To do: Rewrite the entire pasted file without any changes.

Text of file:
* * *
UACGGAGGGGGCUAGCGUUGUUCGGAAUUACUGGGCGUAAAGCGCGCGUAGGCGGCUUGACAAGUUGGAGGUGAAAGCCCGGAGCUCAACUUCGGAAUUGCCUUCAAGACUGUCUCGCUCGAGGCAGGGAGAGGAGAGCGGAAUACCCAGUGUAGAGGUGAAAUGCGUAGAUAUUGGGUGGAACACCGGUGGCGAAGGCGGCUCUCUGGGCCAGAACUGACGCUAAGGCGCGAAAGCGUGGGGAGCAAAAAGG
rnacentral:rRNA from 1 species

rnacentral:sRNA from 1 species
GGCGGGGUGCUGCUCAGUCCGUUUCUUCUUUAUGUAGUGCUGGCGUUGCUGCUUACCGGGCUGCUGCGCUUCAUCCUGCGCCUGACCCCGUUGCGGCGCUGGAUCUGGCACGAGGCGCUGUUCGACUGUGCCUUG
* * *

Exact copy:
UACGGAGGGGGCUAGCGUUGUUCGGAAUUACUGGGCGUAAAGCGCGCGUAGGCGGCUUGACAAGUUGGAGGUGAAAGCCCGGAGCUCAACUUCGGAAUUGCCUUCAAGACUGUCUCGCUCGAGGCAGGGAGAGGAGAGCGGAAUACCCAGUGUAGAGGUGAAAUGCGUAGAUAUUGGGUGGAACACCGGUGGCGAAGGCGGCUCUCUGGGCCAGAACUGACGCUAAGGCGCGAAAGCGUGGGGAGCAAAAAGG
rnacentral:rRNA from 1 species

rnacentral:sRNA from 1 species
GGCGGGGUGCUGCUCAGUCCGUUUCUUCUUUAUGUAGUGCUGGCGUUGCUGCUUACCGGGCUGCUGCGCUUCAUCCUGCGCCUGACCCCGUUGCGGCGCUGGAUCUGGCACGAGGCGCUGUUCGACUGUGCCUUG